Caution appears to be the new normal among the world’s top central banks.
The US Federal Reserve, the Bank of England, the Swiss National Bank, and the Bank of Japan will all be holding meetings within days of each other, and each is expected to avoid changes to their respective stimulus programs.
In Britain, the upcoming referendum on whether or not to leave the European Union on June 23 is at the forefront of most investment discussions.
After raising interest rates in December, the US Federal Reserve has so far held off on boosting rates further. Fed Chairwoman Janet Yellen has dropped hints that a summer rate hike could be on the way, although a dismal May jobs report and the upcoming "Brexit" referendum now make a rate rise on June 15 increasingly unlikely.
After months of steady growth, the US job market appeared to hit a hiring plateau in May, adding just 38,000 new jobs. A recent Reuters poll of 90 economists shows that four-fifths now expect a rate rise to occur in July or September, with most leaning toward September.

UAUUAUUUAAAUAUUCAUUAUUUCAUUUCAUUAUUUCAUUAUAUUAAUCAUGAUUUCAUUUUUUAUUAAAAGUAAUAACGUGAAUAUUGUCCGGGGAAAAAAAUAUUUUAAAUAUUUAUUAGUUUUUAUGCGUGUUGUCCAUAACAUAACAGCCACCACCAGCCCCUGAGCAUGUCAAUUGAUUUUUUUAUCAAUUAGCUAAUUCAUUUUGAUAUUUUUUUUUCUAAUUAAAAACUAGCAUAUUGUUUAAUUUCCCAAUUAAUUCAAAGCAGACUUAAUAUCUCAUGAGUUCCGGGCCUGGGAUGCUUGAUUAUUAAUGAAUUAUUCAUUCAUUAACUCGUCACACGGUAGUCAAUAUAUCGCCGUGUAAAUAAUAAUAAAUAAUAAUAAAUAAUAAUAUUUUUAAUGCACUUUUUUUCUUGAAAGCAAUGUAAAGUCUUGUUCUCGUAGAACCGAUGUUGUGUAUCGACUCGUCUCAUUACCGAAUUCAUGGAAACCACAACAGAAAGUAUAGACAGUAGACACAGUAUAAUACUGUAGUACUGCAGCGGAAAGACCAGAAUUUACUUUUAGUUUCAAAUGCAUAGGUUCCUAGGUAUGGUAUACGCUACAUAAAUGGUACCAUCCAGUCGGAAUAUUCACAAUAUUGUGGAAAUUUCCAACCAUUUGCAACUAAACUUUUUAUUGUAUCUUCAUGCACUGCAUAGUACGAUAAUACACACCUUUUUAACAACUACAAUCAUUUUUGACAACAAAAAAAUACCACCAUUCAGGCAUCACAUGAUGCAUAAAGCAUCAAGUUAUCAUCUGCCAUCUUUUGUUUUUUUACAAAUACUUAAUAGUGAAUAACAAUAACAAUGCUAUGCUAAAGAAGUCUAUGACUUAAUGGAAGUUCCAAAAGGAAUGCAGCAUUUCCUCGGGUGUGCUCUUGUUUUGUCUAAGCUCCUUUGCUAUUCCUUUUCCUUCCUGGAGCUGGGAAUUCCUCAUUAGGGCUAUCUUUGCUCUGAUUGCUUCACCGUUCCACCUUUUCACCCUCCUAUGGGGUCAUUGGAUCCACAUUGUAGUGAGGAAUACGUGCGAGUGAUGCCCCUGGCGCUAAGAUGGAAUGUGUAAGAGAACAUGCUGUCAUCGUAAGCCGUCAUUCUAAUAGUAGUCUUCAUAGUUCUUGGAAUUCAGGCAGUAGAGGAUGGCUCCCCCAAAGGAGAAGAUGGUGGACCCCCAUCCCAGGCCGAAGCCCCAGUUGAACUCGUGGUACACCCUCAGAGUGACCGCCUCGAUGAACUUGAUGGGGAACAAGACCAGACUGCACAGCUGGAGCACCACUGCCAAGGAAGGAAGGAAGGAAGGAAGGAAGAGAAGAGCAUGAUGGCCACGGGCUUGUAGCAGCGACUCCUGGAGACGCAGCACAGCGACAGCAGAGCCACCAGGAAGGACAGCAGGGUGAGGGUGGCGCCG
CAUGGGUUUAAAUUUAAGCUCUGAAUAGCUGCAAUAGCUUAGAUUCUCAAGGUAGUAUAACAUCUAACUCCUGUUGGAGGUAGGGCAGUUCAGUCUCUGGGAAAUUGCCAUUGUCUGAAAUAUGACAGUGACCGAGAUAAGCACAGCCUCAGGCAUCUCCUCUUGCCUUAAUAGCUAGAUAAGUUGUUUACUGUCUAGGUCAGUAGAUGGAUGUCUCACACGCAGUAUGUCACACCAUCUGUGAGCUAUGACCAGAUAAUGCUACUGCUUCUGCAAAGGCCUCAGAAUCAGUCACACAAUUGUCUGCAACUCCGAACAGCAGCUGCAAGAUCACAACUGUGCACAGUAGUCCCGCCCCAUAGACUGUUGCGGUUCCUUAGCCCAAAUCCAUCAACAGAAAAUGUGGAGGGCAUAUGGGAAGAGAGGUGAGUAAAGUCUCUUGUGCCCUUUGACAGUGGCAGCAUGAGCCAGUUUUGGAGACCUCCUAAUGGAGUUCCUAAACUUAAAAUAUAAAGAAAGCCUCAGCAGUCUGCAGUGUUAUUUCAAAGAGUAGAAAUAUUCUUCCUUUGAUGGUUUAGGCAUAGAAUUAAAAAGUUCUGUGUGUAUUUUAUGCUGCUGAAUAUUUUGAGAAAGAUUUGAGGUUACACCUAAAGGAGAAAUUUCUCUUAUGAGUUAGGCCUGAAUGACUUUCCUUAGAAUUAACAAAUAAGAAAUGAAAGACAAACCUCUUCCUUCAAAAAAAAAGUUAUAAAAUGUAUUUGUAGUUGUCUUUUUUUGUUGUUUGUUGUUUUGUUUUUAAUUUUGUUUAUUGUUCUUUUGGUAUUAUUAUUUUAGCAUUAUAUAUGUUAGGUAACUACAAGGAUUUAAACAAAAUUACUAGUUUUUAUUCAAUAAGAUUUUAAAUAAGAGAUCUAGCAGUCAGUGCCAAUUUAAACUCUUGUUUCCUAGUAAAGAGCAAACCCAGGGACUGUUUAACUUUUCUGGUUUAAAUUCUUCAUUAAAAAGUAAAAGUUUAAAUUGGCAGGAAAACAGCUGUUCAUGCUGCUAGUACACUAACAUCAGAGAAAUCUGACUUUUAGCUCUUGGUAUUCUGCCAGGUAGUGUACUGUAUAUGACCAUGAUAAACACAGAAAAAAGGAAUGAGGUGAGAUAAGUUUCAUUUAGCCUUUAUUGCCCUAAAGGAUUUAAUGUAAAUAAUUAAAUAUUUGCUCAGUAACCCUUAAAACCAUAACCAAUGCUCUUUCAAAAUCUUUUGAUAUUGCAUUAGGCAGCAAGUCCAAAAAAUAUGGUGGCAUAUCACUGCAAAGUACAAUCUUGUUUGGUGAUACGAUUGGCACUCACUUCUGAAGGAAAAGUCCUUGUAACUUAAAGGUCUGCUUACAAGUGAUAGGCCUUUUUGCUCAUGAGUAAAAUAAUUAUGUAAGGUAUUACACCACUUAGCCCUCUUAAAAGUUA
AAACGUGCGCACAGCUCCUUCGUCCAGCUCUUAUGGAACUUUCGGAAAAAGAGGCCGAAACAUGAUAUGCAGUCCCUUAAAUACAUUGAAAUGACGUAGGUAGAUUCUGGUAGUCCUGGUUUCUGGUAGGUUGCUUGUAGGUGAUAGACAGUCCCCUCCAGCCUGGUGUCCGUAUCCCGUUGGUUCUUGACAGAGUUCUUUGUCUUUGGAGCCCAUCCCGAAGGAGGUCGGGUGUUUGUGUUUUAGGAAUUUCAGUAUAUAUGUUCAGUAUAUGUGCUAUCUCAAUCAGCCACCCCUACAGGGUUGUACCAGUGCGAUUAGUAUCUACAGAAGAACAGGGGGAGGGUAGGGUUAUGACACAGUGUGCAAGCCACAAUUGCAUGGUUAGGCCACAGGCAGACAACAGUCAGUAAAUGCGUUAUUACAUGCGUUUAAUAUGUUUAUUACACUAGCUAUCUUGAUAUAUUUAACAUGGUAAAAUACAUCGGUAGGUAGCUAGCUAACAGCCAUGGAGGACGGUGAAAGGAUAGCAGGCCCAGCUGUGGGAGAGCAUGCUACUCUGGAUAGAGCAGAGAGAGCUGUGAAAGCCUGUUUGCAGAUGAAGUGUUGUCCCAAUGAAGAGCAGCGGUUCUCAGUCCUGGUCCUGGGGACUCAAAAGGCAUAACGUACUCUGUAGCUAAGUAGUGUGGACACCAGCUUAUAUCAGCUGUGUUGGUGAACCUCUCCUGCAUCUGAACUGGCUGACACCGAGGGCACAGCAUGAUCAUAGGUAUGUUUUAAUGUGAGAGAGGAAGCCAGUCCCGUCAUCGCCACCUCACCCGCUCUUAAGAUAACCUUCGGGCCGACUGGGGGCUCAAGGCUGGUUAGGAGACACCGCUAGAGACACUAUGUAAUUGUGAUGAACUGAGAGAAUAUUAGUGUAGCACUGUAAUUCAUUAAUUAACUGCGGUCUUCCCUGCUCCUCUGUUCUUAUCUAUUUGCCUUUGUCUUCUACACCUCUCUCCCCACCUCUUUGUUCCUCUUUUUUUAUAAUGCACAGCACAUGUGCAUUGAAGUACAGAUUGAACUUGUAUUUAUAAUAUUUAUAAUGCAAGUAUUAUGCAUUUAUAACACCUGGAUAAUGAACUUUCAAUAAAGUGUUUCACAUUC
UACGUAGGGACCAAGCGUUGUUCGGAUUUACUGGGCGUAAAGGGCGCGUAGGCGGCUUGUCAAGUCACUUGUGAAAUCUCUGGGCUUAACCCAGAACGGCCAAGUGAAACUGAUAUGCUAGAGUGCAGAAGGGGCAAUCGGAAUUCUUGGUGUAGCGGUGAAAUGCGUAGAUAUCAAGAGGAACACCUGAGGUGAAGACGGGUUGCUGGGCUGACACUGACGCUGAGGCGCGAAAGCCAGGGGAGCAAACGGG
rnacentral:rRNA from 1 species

"Weak labor market data have messed up the carefully-prepared script for the Fed's next rate move. An interest rate rise at the meeting next week is off the table," Christoph Balz, economist at Commerzbank, told Reuters. "However ... the U.S. labor market recovery is not over yet and a rate hike at the meeting in July is therefore still on the agenda."
Economists in Britain expect the Bank of England to focus on planning for uncertainty and liquidity in the market in anticipation of a vote to leave the European Union. Unemployment in Britain is forecast to remain close to 5.1 percent, a level close to full employment. The British economy has slowed somewhat, which analysts attribute to uncertainty ahead of the referendum. Instead of raising interest rates, analysts say, Britain may in fact need to cut them.
Japan’s low, almost nonexistent inflation rate has remained more or less the same for the past two decades. Whereas the United States will likely avoid raising its inflation rate in June but possibly raise them slightly in July, the Bank of Japan will likely do the opposite in July, adding more stimulus to the economy. How much it plans to raise the interest rate will depend on the yen exchange rate, which jumped earlier this year.
Material from Reuters was used in this report.